This workshop is focused on understanding structure-property relations in biocomposites with a hierarchy of microstructure, such as nacre, bone and coral. In particular, we are seeking to unite the extensive and growing body of knowledge on modelling the nucleation of biominerals, such as calcium carbonate and apatites, with coarse-grained approaches to study self-assembly of biopolymers, such as proteins and polysaccharides, and relate this to the latest experimental measurements of microstructure and mechanical properties of biocomposites. We welcome contributions from molecular, mesoscale and continuum modellers with an interest in biological or bioinspired systems, and from experimentalists using cutting-edge techniques to study the morphology or functional properties of such materials.
Confirmed invited speakers include:
- Prof Lia Addadi, Weizmann Institute
- Prof Matthew Collins, University of York
- Prof Lara Estroff, Cornell University
- Prof John Spencer Evans, New York University
- Prof John Harding, University of Sheffield
- Dr Daria Kokh, Heidelberg Institute for Theoretical Studies
- Prof Nora de Leeuw, University College London
- Prof Harry van Lenthe, KU Leuven
- Prof Bernd Markert, University of Stuttgart
- Dr Boaz Pokroy, Technion - Israel Institute of Technology
The microstructure of different biominerals with respect to inorganic and organic components, as well as the organic/inorganic interfaces is now being explored in great detail. State of the art electron microscopy has been successfully applied to nacre (Gries, Kröger et al. 2009). Furthermore, X-ray nanotomography on the coral skeleton allows 3D imaging of structural features, with resolution down to 50 nm, enabling the characterization of the internal structure of biocomposites and possibly the differentiation of the organic and inorganic components. Characterisation of the distribution of organics inside corallites is also being undertaken, along with composition analysis (polysaccharides, chitin). Several key proteins involved in the eggshell structure and formation have now been identified and sequenced (Mann and Siedler 1999). Coupled with structural studies (Chien et al 2009) these identify potential growth pathways for this complex mineral.
Based on all these results, several different biopolymers can and have been identified as good candidates for theoretical modelling of mineral formation in a variety of biomineral systems. Simulations of large biomolecules and their mineral counterparts have now become possible on an atomistic level (Freeman et al 2011, Kubiak and Mulheran 2009) and have been extended to tackle crystallization with the addition of a biomineralizing molecule (Freeman et al 2010) with the long time scale method metadynamics. We propose to bring together modelling work that will investigate the structure and mechanics of biominerals produced with and without inhibitors, their organic matrices and mineral phases in order to identify suitable organic components with phase transition potentials by interdisciplinary techniques (Weiss et al. 2009).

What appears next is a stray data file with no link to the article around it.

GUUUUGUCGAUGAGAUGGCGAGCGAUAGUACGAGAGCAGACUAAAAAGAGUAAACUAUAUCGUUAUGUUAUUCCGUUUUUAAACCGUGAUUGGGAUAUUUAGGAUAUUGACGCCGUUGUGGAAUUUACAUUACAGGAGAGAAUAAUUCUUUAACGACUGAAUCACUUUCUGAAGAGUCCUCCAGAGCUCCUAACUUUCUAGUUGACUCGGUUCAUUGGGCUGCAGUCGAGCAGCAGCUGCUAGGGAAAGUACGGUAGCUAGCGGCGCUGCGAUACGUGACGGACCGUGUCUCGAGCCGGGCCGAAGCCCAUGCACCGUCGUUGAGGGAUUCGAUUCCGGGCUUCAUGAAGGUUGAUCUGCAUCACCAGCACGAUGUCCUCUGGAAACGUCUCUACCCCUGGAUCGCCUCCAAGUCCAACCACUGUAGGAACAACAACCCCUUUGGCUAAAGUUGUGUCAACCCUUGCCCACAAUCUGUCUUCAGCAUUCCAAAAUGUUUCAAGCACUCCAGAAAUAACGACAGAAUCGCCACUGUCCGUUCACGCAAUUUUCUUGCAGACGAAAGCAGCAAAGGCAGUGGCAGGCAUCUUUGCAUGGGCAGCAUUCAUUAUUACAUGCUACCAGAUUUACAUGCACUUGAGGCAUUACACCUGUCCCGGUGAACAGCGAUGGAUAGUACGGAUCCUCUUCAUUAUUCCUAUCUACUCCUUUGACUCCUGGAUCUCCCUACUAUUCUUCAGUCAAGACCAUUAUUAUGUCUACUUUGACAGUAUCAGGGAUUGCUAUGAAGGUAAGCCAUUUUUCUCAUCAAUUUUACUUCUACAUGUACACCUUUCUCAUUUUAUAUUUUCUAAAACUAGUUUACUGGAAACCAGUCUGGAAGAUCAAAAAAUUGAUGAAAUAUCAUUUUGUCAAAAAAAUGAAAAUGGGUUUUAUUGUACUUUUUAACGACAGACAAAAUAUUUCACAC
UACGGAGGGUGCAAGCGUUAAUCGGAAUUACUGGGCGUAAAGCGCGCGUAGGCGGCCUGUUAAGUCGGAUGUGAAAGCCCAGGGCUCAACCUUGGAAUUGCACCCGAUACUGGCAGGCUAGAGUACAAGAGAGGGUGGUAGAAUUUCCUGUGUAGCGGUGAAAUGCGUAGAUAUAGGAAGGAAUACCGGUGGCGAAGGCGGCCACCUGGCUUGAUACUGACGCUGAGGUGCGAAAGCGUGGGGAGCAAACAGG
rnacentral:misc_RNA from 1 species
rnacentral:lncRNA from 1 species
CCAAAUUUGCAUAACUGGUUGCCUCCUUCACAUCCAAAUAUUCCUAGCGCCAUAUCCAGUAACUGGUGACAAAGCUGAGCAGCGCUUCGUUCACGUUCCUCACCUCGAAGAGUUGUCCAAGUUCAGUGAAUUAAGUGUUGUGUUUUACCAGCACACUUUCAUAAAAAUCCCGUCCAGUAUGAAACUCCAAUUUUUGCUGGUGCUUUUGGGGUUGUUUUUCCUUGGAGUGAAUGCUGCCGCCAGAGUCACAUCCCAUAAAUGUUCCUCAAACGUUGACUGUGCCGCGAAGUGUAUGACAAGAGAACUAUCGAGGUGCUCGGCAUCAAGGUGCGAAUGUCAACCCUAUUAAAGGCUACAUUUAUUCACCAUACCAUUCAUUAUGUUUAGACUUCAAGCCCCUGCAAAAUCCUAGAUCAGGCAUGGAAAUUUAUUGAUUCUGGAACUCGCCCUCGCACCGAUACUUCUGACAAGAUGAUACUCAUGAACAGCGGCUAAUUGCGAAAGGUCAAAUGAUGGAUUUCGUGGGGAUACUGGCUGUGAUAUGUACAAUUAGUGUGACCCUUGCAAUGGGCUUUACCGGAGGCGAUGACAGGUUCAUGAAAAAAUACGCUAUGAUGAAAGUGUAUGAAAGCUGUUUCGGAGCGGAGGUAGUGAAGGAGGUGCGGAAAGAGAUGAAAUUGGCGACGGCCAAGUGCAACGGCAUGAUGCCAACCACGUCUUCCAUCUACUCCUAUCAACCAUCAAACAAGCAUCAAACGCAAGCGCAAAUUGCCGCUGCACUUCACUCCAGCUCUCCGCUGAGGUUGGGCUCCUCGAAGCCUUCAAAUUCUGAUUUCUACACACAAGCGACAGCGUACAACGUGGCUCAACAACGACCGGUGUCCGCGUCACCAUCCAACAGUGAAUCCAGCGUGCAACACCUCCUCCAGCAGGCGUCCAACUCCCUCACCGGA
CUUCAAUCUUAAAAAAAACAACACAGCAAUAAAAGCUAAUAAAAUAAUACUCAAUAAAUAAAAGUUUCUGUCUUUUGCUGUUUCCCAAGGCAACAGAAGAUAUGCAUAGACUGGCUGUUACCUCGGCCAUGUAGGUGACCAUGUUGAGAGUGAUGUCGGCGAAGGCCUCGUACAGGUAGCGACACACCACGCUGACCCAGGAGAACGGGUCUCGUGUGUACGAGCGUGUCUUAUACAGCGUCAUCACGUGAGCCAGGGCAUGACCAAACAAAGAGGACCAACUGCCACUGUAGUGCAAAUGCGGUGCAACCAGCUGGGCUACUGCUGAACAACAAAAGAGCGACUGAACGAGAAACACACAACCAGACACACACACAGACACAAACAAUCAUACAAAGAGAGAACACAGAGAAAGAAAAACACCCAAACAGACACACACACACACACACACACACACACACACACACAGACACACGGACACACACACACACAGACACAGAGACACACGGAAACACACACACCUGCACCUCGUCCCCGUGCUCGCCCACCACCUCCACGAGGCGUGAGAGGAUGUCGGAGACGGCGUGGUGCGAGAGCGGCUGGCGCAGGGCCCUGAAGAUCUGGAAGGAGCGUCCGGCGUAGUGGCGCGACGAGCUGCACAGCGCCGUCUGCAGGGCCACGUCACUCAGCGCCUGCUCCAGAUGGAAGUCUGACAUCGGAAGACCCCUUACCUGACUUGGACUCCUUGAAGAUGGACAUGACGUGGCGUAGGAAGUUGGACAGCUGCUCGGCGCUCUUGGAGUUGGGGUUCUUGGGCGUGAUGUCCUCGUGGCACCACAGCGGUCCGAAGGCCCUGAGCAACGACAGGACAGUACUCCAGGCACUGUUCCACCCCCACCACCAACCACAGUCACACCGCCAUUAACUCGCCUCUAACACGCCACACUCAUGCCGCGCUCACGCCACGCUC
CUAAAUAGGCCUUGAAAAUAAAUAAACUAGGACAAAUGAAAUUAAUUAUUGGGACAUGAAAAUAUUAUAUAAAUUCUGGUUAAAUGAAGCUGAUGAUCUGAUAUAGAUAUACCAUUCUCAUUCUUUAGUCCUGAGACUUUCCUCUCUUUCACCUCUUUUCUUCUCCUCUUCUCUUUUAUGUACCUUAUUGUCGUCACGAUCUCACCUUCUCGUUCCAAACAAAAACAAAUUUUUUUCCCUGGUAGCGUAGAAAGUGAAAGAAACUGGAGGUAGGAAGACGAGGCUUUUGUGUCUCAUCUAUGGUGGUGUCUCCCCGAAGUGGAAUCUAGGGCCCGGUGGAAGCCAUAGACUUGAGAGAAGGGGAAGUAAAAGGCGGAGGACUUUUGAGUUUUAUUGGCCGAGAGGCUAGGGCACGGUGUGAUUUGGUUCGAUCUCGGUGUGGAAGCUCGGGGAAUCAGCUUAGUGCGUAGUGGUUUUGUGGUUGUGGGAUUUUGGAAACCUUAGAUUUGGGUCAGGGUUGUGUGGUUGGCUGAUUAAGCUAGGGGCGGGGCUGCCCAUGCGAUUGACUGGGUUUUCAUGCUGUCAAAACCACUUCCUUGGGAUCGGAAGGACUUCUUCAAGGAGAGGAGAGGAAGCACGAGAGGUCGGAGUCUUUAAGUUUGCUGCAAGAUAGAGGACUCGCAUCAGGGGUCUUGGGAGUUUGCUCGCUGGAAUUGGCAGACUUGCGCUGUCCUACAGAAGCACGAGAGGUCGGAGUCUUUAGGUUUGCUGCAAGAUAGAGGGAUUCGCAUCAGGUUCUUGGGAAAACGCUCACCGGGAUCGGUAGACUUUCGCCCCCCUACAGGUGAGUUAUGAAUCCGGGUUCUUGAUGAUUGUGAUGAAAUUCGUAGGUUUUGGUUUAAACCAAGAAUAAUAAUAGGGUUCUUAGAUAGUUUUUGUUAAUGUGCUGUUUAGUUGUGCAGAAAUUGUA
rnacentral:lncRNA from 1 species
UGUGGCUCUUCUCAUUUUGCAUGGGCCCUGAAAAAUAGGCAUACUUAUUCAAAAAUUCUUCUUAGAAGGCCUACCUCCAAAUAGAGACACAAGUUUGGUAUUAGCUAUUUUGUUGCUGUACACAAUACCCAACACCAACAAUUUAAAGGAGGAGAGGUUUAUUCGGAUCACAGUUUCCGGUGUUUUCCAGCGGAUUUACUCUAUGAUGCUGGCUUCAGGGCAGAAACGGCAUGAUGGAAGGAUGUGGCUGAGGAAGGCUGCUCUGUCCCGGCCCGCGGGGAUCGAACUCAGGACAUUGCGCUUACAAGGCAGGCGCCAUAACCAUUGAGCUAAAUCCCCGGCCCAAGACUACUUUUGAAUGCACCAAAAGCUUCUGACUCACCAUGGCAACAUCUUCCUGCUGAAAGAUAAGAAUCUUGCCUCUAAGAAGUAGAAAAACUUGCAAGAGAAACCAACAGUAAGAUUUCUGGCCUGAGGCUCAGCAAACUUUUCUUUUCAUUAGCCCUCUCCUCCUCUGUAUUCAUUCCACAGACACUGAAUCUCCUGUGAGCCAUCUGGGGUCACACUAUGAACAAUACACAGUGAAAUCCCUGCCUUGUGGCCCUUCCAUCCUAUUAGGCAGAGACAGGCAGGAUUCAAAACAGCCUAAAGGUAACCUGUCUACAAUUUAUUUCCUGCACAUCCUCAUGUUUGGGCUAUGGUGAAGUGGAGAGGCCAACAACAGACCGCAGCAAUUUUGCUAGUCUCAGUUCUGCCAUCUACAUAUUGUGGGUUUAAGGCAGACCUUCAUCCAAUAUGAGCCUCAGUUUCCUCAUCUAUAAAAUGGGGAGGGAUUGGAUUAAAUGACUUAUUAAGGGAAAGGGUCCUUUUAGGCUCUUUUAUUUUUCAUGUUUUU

Collagen comprises one third of the human proteome. Type I collagen, which comprises half of the volume of bone, melts in solution at below body temperature. However, following assembly into fibrillar bundles, the melting temperature rises by almost 30 °C. Numerous efforts to further enhance the denaturing temperature by organic tanning have been attempted for thousands of years but, until the advent of metal salts, it was not possible to raise the temperature by more than 15 °C. Chrome tanning can raise the denaturation temperature by more than 50 °C, and it has been speculated (Covington et al. 2008) that the mechanism for this is not cross-linking, but the result of molecular constraints formed within the fibril bundles, locking them together. Bone arguably represents an extreme example of the same process, since the intergrowth of apatite minerals so contained in the composite that the chains cannot melt, but instead decompose at temperatures above 150 °C (Covington et al. 2008).
To clarify the mechanisms of collagen stabilization, there is a clear need to model a very large-scale structure (e.g. a Smith micro-fibril of five triple helices within a single quarter-stagger) in order to understand the physical properties of the material and age related changes which appear to be linked to changes in both the mineral (Fratzl et al. 2004) and collagen (Wang et al. 2002). Some significant advances have already been made, notably the first (low resolution) structure of the microfibrillar structure (Orgel et al. 2006). Despite considerable investigation of the role played by residues in the stability of the triple helix in solution (e.g. Kar et al. 2008), the complete collagen biocomposite has not been modelled. We therefore propose to bring together researchers working on molecular modelling of apatites (e.g. Almora-Barrios et al. 2010) with those undertaking the latest coarse-grained models of collagen (Russo et al. 2010) and generic models of surface-induced phase transitions (Antypov and Elliott, 2008) to examine the stability of the collagen triple helix, and examine the role of compression in collagen stabilization.